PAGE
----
Not really. Your yeasts actually depend on the small amount of oxygen in the headspace to multiply and convert the priming sugar into CO2 and a little more alcohol to carbonate up your bottles. This headspace then quickly fills with CO2 gas as a byproduct of priming sugar fermentation. The pressure of the CO2 that builds in the space forces more CO2 into liquid suspension, so having just a small amount of headspace is somewhat desirable. I use longneck bottles and fill mine to the top with a bottling wand. When I pull the wand out of the bottle after it's full, I have about 1" of headspace in the neck which is just about perfect.
The only exception to this is when you force carbonate using compressed CO2. These beers don't depend on any bottle conditioning to carbonate the beer as CO2 is pressurized into them using a CO2 tank and a regulator. This is typically done in a keg first under moderately high CO2 pressure and then beer is filled into individual bottles for sharing/judging/etc. using something along the lines of a beer gun (or bottle filler in a commercial brewery). These beers are best capped "on foam," meaning the bottles should be filled completely to the point of foam dripping down the sides to eliminate any headspace in the bottle.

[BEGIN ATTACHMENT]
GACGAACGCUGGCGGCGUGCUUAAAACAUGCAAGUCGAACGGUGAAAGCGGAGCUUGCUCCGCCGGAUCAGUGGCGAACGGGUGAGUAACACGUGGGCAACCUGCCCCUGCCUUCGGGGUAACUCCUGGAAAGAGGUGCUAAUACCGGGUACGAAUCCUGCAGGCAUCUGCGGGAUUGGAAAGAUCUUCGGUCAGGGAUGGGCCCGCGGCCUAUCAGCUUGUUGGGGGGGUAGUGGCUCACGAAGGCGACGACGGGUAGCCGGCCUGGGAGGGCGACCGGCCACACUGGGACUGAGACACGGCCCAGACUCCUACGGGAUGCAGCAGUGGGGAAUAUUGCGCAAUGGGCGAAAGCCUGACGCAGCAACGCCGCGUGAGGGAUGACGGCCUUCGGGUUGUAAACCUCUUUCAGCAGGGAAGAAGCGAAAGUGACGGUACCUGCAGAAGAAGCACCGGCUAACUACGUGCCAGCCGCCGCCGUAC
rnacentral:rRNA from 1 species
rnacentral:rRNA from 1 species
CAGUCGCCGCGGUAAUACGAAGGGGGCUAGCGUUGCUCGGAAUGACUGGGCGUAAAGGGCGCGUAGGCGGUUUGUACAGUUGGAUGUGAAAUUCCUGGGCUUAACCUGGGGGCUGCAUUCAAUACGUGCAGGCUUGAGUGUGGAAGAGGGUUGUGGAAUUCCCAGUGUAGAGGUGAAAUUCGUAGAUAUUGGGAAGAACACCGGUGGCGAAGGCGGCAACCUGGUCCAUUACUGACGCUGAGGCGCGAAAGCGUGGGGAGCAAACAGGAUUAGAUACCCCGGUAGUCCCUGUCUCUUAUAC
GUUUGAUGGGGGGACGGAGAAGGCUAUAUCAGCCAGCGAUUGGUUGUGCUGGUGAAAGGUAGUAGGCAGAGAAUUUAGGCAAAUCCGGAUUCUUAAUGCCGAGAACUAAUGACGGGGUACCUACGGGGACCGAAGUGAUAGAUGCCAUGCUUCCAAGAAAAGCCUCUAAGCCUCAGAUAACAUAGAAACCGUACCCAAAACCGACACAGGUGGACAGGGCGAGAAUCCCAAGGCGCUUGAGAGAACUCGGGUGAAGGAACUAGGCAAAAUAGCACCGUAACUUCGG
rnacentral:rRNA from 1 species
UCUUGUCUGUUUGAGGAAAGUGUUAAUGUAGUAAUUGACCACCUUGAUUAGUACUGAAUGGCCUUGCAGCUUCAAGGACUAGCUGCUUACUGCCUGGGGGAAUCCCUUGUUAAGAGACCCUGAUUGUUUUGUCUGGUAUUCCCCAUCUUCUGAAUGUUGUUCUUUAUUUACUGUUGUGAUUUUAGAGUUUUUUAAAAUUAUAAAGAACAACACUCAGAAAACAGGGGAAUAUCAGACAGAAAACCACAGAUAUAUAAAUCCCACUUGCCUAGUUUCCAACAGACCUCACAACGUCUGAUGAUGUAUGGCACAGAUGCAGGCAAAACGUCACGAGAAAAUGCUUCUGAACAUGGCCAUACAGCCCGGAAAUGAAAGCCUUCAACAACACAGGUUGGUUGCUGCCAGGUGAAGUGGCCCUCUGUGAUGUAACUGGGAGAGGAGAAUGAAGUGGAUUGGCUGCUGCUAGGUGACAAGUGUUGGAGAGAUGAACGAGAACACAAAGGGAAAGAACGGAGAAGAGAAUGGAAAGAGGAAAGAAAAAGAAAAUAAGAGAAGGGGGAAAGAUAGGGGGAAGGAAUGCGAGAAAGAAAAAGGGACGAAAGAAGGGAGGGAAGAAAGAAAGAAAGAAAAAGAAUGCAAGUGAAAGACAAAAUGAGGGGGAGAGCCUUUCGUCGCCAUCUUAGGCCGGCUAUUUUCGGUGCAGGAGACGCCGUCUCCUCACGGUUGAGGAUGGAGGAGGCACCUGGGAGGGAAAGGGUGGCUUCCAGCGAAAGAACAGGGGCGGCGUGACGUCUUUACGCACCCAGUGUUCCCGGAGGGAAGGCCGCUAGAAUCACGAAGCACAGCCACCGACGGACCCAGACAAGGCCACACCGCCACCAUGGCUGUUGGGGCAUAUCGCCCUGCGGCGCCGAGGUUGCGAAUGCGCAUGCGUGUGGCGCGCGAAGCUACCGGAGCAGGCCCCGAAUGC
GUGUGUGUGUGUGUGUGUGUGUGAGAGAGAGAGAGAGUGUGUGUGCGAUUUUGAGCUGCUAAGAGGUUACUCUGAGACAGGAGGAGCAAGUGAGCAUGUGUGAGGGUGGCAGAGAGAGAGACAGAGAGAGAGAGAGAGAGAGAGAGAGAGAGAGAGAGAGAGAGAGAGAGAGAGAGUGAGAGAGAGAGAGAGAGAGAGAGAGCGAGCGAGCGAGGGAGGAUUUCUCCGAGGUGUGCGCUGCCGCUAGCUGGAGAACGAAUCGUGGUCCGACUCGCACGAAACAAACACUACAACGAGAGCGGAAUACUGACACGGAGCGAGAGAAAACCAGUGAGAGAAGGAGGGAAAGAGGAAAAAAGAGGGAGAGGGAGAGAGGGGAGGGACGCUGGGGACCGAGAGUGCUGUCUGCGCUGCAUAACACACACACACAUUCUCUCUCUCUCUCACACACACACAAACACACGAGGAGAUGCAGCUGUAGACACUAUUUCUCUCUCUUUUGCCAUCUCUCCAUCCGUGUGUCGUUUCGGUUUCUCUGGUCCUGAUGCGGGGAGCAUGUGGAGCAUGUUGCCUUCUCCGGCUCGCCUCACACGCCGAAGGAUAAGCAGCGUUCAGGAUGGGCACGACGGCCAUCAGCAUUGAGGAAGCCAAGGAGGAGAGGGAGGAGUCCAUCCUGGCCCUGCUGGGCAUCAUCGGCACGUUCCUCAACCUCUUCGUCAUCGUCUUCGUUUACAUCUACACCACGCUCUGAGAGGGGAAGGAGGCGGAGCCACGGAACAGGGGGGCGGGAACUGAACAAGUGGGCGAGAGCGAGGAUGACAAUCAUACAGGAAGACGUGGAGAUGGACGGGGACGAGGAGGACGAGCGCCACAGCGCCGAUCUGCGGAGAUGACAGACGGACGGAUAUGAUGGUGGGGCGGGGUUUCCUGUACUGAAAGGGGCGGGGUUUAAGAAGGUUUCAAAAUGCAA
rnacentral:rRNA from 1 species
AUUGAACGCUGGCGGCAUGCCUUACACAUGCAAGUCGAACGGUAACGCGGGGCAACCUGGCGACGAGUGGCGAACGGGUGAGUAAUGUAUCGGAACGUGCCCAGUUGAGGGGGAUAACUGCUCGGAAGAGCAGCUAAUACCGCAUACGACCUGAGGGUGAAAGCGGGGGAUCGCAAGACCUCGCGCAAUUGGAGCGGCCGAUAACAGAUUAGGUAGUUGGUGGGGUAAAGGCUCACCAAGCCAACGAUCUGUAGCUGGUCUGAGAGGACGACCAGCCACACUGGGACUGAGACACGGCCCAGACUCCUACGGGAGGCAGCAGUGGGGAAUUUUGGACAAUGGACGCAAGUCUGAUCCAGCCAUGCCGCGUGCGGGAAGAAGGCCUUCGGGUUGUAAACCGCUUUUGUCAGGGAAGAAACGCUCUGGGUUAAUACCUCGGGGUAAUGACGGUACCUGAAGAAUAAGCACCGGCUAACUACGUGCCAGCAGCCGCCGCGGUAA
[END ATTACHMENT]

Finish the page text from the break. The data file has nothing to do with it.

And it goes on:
The reason for this is oxygen exposure on beer that's already carbonated just promotes oxidation, as there isn't any priming sugar for yeast to consume the remaining oxygen. So, they fill the bottles and kegs as full as they can.
I don't mean to criticize, I just would like to comment here. Yeast is known for its ability to undergo anaerobic (without oxygen) respiration. Yeast can go about its yeast business of producing alcohol and CO2 without oxygen.
I've read that this is one of the great things about yeast for brewing and rising dough. Effectively, the organism is more versatile than other forms of life.
I've also read that all yeast activity in brewing should be anaerobic (no definitive source on this). If the yeast is using oxygen to produce energy, then the beer will not be as good. The only oxygen that should be consumed by the yeast is during initial fermentation to provide the organism with the necessary oxygen nutrient to replicate its cell wall and copy itself as it reproduces.
By these findings, bottle head-space should not require any oxygen for the existing yeast to produce alcohol and CO2 without replicating itself.